Flood Warning UPDATE: Fox River Will Overflow in Kane County
The National Weather Service Chicago has continued a Flood Warning for the Fox River at the Algonquin Lock & Dam tailwater, affecting Kane and McHenry counties, and the Fox River at Montgomery, affecting Kane and Kendall Counties.
A Flash Flood Watch continues for Kane County as well as Cook, DuPage, Ford, Grundy, Iroquois, Kankakee, Kendall, La Salle, Lake, Livingston, and Will.
According to the NWS, heavy rainfall over the last few days following a very wet snow on Saturday has resulted in widespread river flooding across portions of northern Illinois.
Some locations along the Illinois and DuPage river are well into moderate flood stage.
“This flooding will continue for the next week on slower response rivers,” the NWS said.
For river observation and forecast information for your area, go to weather.gov/Chicago and click on Rivers and Lakes, located above the watch, warning and advisory map of the area.
The direct Link for River Information: https://water.weather.gov/ahps2/forecasts.php?wfo=LOT.
Remember, do not drive or walk across flooded roadways.
Kane County Issues
For Kane County, there are two situations worth monitoring: present flooding and potential flooding in the coming days.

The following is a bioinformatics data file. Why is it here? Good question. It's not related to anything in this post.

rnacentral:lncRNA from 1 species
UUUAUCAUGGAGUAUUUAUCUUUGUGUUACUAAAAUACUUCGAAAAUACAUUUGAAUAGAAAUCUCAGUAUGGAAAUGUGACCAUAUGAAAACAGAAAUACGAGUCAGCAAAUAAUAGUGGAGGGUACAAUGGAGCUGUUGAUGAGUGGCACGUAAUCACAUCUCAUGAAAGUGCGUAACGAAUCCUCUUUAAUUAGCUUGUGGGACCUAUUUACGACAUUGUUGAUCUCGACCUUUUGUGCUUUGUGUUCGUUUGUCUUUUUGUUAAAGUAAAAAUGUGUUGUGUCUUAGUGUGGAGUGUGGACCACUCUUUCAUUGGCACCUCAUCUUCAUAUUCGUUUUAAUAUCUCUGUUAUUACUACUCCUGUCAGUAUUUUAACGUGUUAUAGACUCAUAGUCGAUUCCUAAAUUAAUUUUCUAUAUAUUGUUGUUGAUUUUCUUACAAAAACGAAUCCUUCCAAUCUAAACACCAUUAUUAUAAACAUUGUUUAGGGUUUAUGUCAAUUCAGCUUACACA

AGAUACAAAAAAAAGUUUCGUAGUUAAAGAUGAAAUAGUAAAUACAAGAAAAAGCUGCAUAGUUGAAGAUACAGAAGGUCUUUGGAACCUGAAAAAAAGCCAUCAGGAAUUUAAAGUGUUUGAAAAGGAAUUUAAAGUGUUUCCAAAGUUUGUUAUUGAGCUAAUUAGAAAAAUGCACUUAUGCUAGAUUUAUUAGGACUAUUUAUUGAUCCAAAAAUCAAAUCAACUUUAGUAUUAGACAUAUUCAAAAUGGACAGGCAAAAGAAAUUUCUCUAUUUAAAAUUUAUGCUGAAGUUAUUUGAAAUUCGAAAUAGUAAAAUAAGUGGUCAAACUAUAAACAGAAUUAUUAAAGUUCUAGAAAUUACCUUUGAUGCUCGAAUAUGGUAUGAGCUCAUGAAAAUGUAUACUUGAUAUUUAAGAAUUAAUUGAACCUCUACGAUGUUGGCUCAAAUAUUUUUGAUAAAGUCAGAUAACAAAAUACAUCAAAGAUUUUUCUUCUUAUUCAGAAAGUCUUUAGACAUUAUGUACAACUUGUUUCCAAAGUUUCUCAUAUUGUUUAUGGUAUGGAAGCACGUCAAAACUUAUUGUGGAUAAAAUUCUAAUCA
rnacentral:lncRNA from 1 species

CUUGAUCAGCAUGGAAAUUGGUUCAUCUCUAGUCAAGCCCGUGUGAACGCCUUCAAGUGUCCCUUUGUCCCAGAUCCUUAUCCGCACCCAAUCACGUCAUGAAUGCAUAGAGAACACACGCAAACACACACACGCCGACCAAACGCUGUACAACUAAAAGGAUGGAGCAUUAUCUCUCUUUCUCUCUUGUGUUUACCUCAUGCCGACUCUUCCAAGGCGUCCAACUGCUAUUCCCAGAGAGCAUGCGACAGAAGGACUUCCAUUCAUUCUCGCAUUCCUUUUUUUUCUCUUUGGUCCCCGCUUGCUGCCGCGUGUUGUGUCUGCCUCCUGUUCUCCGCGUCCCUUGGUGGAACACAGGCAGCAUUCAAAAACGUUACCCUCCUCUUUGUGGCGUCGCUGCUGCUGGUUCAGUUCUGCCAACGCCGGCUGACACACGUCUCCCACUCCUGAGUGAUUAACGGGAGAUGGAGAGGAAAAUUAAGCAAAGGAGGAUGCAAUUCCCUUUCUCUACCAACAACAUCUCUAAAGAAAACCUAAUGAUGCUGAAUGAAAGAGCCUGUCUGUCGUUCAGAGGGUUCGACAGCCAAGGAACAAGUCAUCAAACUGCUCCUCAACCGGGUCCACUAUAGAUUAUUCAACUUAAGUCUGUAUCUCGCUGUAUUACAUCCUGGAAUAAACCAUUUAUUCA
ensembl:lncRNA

As of 10:09 a.m. today (Wednesday), the Fox River at the South Elgin Dam is above flood stage. The river is at 13.92 feet; the action level is 13.5 feet, according to the NWS graphic you see above.
In the coming two days, the Fox River at the Algonquin Tailwater is expected to reach 9.9 feet. The Action Stage is 9.0 feet and the Minor Flood Stage is 9.5 feet at that part of the river.
At the Fox River at Montgomery, the river is expected to reach 13.7 feet today. The Action Stage is 12.5 feet and the Minor Flood Stage is 13 feet in Montgomery.
Flood Safety Tips And Resources
For instance, it is vital to know what to do if you are driving and hit a flooded road. Here you will find an interactive flood map, information describing the different types of flooding and educational material.
You will also learn how the National Weather Service keeps you aware of potentially dangerous flooding situations through alerts and warnings.
Learn how to better protect yourself and your family by reading the NWS flood survivor stories.
If you, or someone you know, have been a victim of a flood, please share your story so NWS personnel can prevent others from becoming a victim. When you write, please note that NWS has permission to use your story and, if possible, let the NWS know the town and state you were in and the year the event took place.
SOURCE: National Weather Service website